As we flock to the homes of loved ones this holiday season, many of us will see our families for the first time in weeks or even months. A part of you must wonder how your elderly parent or family member looks compared to the last time you were together. Have they aged much? Do they act any differently? Perhaps one of your biggest fears is coming home and noticing a loved one has trouble remembering things, like turning off the stove.
By Gina Epifano, PT, Director of Rehabilitation, Visiting Nurse
Chronic pain and the use of opioids for chronic pain management have been making headlines in recent months. Statistics show that opioid prescriptions have quadrupled since 1999, with 259 million opioid prescriptions written in 2012. That’s enough for every adult in the United States to have a bottle of pills! Overuse of opioids can lead to overdose, addiction, depression and withdrawal symptoms.
When facing a serious illness, treatment options can be confusing. Some patients pursue aggressive treatment, while others choose to forego curative treatment and enter hospice care. However, there is another option called palliative care. Palliative care is often confused with hospice care, but it is not just for hospice patients. Many patients find palliative care a life-affirming, supportive option for dealing with their serious illness.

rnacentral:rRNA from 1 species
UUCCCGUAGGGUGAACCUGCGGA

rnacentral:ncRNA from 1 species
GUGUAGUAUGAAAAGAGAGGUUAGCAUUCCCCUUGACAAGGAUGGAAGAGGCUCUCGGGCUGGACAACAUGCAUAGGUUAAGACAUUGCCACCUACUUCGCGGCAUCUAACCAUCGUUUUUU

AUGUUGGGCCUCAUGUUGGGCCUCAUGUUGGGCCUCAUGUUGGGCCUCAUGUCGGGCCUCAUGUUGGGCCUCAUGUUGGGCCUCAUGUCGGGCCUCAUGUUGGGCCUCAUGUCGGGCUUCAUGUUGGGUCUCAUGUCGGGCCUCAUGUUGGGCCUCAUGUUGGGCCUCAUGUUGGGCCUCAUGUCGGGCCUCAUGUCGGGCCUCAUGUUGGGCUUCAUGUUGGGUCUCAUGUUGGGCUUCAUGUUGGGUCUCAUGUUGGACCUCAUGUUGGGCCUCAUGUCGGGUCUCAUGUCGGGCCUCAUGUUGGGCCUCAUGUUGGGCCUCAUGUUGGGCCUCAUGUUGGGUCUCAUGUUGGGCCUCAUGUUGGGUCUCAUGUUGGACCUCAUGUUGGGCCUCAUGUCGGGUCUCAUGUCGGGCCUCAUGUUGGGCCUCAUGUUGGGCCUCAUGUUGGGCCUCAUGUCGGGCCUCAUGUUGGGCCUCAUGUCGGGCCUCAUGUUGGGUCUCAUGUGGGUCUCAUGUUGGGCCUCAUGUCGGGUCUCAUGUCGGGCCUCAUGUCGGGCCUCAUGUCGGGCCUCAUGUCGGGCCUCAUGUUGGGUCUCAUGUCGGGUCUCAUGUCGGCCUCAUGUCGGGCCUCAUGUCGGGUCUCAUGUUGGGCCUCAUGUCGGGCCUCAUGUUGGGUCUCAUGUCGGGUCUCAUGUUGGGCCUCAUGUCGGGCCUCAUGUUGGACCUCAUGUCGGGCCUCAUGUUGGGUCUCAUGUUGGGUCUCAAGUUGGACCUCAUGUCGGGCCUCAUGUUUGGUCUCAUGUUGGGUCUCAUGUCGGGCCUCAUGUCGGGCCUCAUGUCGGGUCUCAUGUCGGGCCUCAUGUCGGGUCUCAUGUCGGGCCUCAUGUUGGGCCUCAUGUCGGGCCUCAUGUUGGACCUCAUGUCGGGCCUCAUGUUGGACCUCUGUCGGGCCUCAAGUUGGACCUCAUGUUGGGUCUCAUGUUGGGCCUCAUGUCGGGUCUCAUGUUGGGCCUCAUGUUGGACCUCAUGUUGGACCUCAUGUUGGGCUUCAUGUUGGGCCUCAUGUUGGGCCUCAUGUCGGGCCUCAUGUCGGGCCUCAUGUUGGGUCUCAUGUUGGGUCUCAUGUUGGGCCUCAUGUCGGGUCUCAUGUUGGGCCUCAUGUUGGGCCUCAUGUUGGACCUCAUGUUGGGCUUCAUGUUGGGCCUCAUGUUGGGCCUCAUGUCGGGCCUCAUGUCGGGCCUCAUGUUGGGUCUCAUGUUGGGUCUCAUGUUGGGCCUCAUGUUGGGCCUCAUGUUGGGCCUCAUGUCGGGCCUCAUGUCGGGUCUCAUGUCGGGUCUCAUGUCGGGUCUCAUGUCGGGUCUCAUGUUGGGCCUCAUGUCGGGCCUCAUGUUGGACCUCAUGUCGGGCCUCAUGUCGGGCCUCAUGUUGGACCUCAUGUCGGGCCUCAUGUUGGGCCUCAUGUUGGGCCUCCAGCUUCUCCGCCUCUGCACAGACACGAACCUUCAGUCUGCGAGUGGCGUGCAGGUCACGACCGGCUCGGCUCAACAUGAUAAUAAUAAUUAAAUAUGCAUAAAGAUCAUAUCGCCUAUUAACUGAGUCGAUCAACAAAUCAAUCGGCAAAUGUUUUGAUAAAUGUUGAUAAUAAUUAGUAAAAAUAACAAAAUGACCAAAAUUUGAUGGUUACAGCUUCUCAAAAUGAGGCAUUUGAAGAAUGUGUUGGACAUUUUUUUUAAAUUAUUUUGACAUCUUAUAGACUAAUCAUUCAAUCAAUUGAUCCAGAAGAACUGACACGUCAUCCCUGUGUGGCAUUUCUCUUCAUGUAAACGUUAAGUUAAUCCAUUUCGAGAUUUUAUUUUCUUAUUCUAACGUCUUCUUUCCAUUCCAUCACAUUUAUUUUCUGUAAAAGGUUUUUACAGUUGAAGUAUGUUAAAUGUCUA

Games are common in checklists of gifts for Alzheimer's patients, because they provide mental stimulation and pleasant interaction for patients and their families and other caregivers.
A July 2016 report concerning reinterpretation of data from a 10-year study related to warding off Alzheimer's is creating a stir about cutting risk of the disease through computer brain games.
Registered nurses who aid Alzheimer's patients know all too well the impacts the disease has on patients' families. One concern that often arises is vulnerability of other family members to the disease and what they can do to avoid it.
Many members of Alzheimer's families are interested in whether brain training through computer games may be beneficial.
Approximately 5.3 million Americans are living with Alzheimer’s disease. One in nine people over 65 suffer from this devastating illness. Researchers are keen to learn more about the factors that may improve early detection of the disease as well as characteristics that may place someone at greater risk. Now, new information is emerging about subtle changes that may be early signs of Alzheimer’s disease.